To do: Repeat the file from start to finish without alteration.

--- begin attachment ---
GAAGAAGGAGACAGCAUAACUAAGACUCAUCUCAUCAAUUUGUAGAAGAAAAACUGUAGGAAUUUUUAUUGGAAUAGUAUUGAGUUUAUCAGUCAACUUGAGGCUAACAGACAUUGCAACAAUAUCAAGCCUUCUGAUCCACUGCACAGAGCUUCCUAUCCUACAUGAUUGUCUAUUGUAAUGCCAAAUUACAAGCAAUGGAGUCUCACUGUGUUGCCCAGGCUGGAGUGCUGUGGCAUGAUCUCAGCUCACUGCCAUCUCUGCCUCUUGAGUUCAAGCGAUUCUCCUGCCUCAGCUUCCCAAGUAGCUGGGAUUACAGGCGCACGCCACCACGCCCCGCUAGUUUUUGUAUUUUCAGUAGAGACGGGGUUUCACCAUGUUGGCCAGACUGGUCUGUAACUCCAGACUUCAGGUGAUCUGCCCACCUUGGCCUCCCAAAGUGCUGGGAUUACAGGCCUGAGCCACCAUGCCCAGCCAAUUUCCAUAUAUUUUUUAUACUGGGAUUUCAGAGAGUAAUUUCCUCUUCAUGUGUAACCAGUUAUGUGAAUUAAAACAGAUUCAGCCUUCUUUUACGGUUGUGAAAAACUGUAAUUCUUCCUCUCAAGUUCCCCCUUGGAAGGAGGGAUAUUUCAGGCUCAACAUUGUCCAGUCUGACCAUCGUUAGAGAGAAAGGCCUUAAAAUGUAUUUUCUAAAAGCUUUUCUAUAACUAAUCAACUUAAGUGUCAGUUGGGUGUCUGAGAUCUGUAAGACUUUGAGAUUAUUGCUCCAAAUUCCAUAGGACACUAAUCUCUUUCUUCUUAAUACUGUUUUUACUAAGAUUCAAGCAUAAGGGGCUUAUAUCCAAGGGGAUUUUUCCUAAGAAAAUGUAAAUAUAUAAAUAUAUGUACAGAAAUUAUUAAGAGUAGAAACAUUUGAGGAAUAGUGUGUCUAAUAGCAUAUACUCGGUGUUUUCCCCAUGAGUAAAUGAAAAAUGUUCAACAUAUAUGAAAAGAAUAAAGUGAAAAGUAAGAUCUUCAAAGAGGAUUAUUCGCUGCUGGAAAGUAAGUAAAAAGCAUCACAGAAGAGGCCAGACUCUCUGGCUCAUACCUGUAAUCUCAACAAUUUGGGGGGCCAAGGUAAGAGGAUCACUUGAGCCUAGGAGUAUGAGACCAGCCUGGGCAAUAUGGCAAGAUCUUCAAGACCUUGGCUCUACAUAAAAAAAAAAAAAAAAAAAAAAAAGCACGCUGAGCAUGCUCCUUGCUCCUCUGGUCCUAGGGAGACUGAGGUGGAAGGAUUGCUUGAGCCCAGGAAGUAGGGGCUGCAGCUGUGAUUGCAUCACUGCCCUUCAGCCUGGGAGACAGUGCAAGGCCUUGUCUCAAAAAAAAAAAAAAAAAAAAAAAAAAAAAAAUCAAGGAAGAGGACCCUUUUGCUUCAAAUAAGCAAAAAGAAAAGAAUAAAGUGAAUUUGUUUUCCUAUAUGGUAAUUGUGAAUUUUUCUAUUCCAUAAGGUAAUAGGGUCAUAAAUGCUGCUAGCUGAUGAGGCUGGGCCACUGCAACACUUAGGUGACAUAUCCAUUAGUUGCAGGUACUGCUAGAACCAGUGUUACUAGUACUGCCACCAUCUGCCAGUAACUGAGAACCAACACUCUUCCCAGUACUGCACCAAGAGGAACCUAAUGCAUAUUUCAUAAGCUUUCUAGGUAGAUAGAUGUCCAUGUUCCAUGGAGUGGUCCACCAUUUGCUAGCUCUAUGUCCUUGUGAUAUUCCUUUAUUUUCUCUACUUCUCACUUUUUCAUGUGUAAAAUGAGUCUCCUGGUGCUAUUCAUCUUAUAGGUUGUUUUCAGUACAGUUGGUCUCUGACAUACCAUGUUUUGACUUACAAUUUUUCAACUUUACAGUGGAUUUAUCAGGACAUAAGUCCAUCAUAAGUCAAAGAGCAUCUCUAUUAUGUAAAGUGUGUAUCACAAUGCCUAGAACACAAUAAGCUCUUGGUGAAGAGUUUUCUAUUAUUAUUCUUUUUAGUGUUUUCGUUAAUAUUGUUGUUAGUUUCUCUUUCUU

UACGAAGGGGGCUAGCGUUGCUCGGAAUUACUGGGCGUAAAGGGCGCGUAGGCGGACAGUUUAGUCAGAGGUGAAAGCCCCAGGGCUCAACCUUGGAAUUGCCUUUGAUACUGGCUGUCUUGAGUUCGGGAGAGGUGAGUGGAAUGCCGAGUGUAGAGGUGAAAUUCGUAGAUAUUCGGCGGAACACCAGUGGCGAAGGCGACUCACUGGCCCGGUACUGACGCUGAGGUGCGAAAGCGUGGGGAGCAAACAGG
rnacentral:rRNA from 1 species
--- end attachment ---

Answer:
GAAGAAGGAGACAGCAUAACUAAGACUCAUCUCAUCAAUUUGUAGAAGAAAAACUGUAGGAAUUUUUAUUGGAAUAGUAUUGAGUUUAUCAGUCAACUUGAGGCUAACAGACAUUGCAACAAUAUCAAGCCUUCUGAUCCACUGCACAGAGCUUCCUAUCCUACAUGAUUGUCUAUUGUAAUGCCAAAUUACAAGCAAUGGAGUCUCACUGUGUUGCCCAGGCUGGAGUGCUGUGGCAUGAUCUCAGCUCACUGCCAUCUCUGCCUCUUGAGUUCAAGCGAUUCUCCUGCCUCAGCUUCCCAAGUAGCUGGGAUUACAGGCGCACGCCACCACGCCCCGCUAGUUUUUGUAUUUUCAGUAGAGACGGGGUUUCACCAUGUUGGCCAGACUGGUCUGUAACUCCAGACUUCAGGUGAUCUGCCCACCUUGGCCUCCCAAAGUGCUGGGAUUACAGGCCUGAGCCACCAUGCCCAGCCAAUUUCCAUAUAUUUUUUAUACUGGGAUUUCAGAGAGUAAUUUCCUCUUCAUGUGUAACCAGUUAUGUGAAUUAAAACAGAUUCAGCCUUCUUUUACGGUUGUGAAAAACUGUAAUUCUUCCUCUCAAGUUCCCCCUUGGAAGGAGGGAUAUUUCAGGCUCAACAUUGUCCAGUCUGACCAUCGUUAGAGAGAAAGGCCUUAAAAUGUAUUUUCUAAAAGCUUUUCUAUAACUAAUCAACUUAAGUGUCAGUUGGGUGUCUGAGAUCUGUAAGACUUUGAGAUUAUUGCUCCAAAUUCCAUAGGACACUAAUCUCUUUCUUCUUAAUACUGUUUUUACUAAGAUUCAAGCAUAAGGGGCUUAUAUCCAAGGGGAUUUUUCCUAAGAAAAUGUAAAUAUAUAAAUAUAUGUACAGAAAUUAUUAAGAGUAGAAACAUUUGAGGAAUAGUGUGUCUAAUAGCAUAUACUCGGUGUUUUCCCCAUGAGUAAAUGAAAAAUGUUCAACAUAUAUGAAAAGAAUAAAGUGAAAAGUAAGAUCUUCAAAGAGGAUUAUUCGCUGCUGGAAAGUAAGUAAAAAGCAUCACAGAAGAGGCCAGACUCUCUGGCUCAUACCUGUAAUCUCAACAAUUUGGGGGGCCAAGGUAAGAGGAUCACUUGAGCCUAGGAGUAUGAGACCAGCCUGGGCAAUAUGGCAAGAUCUUCAAGACCUUGGCUCUACAUAAAAAAAAAAAAAAAAAAAAAAAAGCACGCUGAGCAUGCUCCUUGCUCCUCUGGUCCUAGGGAGACUGAGGUGGAAGGAUUGCUUGAGCCCAGGAAGUAGGGGCUGCAGCUGUGAUUGCAUCACUGCCCUUCAGCCUGGGAGACAGUGCAAGGCCUUGUCUCAAAAAAAAAAAAAAAAAAAAAAAAAAAAAAAUCAAGGAAGAGGACCCUUUUGCUUCAAAUAAGCAAAAAGAAAAGAAUAAAGUGAAUUUGUUUUCCUAUAUGGUAAUUGUGAAUUUUUCUAUUCCAUAAGGUAAUAGGGUCAUAAAUGCUGCUAGCUGAUGAGGCUGGGCCACUGCAACACUUAGGUGACAUAUCCAUUAGUUGCAGGUACUGCUAGAACCAGUGUUACUAGUACUGCCACCAUCUGCCAGUAACUGAGAACCAACACUCUUCCCAGUACUGCACCAAGAGGAACCUAAUGCAUAUUUCAUAAGCUUUCUAGGUAGAUAGAUGUCCAUGUUCCAUGGAGUGGUCCACCAUUUGCUAGCUCUAUGUCCUUGUGAUAUUCCUUUAUUUUCUCUACUUCUCACUUUUUCAUGUGUAAAAUGAGUCUCCUGGUGCUAUUCAUCUUAUAGGUUGUUUUCAGUACAGUUGGUCUCUGACAUACCAUGUUUUGACUUACAAUUUUUCAACUUUACAGUGGAUUUAUCAGGACAUAAGUCCAUCAUAAGUCAAAGAGCAUCUCUAUUAUGUAAAGUGUGUAUCACAAUGCCUAGAACACAAUAAGCUCUUGGUGAAGAGUUUUCUAUUAUUAUUCUUUUUAGUGUUUUCGUUAAUAUUGUUGUUAGUUUCUCUUUCUU

UACGAAGGGGGCUAGCGUUGCUCGGAAUUACUGGGCGUAAAGGGCGCGUAGGCGGACAGUUUAGUCAGAGGUGAAAGCCCCAGGGCUCAACCUUGGAAUUGCCUUUGAUACUGGCUGUCUUGAGUUCGGGAGAGGUGAGUGGAAUGCCGAGUGUAGAGGUGAAAUUCGUAGAUAUUCGGCGGAACACCAGUGGCGAAGGCGACUCACUGGCCCGGUACUGACGCUGAGGUGCGAAAGCGUGGGGAGCAAACAGG
rnacentral:rRNA from 1 species